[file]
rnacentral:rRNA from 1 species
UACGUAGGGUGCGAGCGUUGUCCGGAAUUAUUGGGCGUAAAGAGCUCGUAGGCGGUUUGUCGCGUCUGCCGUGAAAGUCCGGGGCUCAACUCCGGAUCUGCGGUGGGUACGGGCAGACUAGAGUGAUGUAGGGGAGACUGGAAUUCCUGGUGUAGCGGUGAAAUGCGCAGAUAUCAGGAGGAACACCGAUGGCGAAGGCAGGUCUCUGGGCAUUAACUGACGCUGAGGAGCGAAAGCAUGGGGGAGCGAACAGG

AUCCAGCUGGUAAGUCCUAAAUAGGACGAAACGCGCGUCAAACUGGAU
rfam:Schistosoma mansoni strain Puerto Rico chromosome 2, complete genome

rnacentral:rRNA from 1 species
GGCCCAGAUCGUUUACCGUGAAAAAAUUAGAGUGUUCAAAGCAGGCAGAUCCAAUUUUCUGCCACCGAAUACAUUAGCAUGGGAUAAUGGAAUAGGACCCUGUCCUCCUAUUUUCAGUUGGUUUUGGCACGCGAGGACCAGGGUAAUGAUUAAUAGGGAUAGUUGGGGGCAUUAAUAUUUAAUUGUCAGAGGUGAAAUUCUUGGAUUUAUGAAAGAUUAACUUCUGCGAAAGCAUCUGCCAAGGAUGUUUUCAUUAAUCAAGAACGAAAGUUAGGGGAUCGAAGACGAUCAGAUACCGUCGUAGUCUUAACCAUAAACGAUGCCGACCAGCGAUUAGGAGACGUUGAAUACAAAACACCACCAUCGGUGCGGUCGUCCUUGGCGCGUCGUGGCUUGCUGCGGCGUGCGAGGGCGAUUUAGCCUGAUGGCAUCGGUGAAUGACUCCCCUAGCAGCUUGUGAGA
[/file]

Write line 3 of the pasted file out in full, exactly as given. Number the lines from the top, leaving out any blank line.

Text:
AUCCAGCUGGUAAGUCCUAAAUAGGACGAAACGCGCGUCAAACUGGAU